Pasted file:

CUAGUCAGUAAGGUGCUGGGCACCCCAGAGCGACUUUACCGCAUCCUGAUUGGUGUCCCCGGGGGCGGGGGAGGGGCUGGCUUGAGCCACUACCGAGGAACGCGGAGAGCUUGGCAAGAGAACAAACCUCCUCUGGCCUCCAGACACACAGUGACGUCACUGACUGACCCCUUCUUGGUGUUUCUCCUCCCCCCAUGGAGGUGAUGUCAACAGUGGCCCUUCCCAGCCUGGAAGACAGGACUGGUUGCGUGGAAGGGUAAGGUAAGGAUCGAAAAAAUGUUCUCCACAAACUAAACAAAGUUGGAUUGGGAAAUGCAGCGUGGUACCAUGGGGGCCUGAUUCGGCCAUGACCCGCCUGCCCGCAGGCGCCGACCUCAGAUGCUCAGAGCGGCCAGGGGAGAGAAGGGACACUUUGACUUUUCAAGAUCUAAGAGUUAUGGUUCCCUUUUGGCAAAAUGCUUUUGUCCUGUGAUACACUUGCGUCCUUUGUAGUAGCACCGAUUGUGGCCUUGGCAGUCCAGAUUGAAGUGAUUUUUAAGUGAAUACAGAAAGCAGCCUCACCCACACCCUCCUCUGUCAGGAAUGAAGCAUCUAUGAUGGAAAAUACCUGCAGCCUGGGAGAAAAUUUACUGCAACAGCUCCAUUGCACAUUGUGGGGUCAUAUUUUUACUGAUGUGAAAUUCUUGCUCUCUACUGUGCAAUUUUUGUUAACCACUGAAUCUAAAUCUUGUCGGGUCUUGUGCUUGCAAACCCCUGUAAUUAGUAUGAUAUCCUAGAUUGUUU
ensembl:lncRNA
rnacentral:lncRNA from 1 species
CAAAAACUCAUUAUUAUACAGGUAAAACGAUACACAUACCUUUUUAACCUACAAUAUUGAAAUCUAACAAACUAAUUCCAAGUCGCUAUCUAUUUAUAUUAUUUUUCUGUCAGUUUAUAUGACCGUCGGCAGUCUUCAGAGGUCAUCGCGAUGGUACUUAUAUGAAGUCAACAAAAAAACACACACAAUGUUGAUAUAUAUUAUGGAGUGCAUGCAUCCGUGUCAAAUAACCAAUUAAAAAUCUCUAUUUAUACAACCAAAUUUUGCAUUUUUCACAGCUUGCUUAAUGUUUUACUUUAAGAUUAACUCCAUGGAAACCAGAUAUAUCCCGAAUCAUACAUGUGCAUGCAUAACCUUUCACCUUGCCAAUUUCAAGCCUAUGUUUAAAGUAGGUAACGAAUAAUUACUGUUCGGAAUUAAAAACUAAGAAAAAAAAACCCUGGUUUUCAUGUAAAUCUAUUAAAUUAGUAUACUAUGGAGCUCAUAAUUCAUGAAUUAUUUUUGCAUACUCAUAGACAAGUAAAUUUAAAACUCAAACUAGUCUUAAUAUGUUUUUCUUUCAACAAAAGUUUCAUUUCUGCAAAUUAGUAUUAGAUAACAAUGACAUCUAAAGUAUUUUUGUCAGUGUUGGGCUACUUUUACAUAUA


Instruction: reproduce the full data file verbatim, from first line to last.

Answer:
CUAGUCAGUAAGGUGCUGGGCACCCCAGAGCGACUUUACCGCAUCCUGAUUGGUGUCCCCGGGGGCGGGGGAGGGGCUGGCUUGAGCCACUACCGAGGAACGCGGAGAGCUUGGCAAGAGAACAAACCUCCUCUGGCCUCCAGACACACAGUGACGUCACUGACUGACCCCUUCUUGGUGUUUCUCCUCCCCCCAUGGAGGUGAUGUCAACAGUGGCCCUUCCCAGCCUGGAAGACAGGACUGGUUGCGUGGAAGGGUAAGGUAAGGAUCGAAAAAAUGUUCUCCACAAACUAAACAAAGUUGGAUUGGGAAAUGCAGCGUGGUACCAUGGGGGCCUGAUUCGGCCAUGACCCGCCUGCCCGCAGGCGCCGACCUCAGAUGCUCAGAGCGGCCAGGGGAGAGAAGGGACACUUUGACUUUUCAAGAUCUAAGAGUUAUGGUUCCCUUUUGGCAAAAUGCUUUUGUCCUGUGAUACACUUGCGUCCUUUGUAGUAGCACCGAUUGUGGCCUUGGCAGUCCAGAUUGAAGUGAUUUUUAAGUGAAUACAGAAAGCAGCCUCACCCACACCCUCCUCUGUCAGGAAUGAAGCAUCUAUGAUGGAAAAUACCUGCAGCCUGGGAGAAAAUUUACUGCAACAGCUCCAUUGCACAUUGUGGGGUCAUAUUUUUACUGAUGUGAAAUUCUUGCUCUCUACUGUGCAAUUUUUGUUAACCACUGAAUCUAAAUCUUGUCGGGUCUUGUGCUUGCAAACCCCUGUAAUUAGUAUGAUAUCCUAGAUUGUUU
ensembl:lncRNA
rnacentral:lncRNA from 1 species
CAAAAACUCAUUAUUAUACAGGUAAAACGAUACACAUACCUUUUUAACCUACAAUAUUGAAAUCUAACAAACUAAUUCCAAGUCGCUAUCUAUUUAUAUUAUUUUUCUGUCAGUUUAUAUGACCGUCGGCAGUCUUCAGAGGUCAUCGCGAUGGUACUUAUAUGAAGUCAACAAAAAAACACACACAAUGUUGAUAUAUAUUAUGGAGUGCAUGCAUCCGUGUCAAAUAACCAAUUAAAAAUCUCUAUUUAUACAACCAAAUUUUGCAUUUUUCACAGCUUGCUUAAUGUUUUACUUUAAGAUUAACUCCAUGGAAACCAGAUAUAUCCCGAAUCAUACAUGUGCAUGCAUAACCUUUCACCUUGCCAAUUUCAAGCCUAUGUUUAAAGUAGGUAACGAAUAAUUACUGUUCGGAAUUAAAAACUAAGAAAAAAAAACCCUGGUUUUCAUGUAAAUCUAUUAAAUUAGUAUACUAUGGAGCUCAUAAUUCAUGAAUUAUUUUUGCAUACUCAUAGACAAGUAAAUUUAAAACUCAAACUAGUCUUAAUAUGUUUUUCUUUCAACAAAAGUUUCAUUUCUGCAAAUUAGUAUUAGAUAACAAUGACAUCUAAAGUAUUUUUGUCAGUGUUGGGCUACUUUUACAUAUA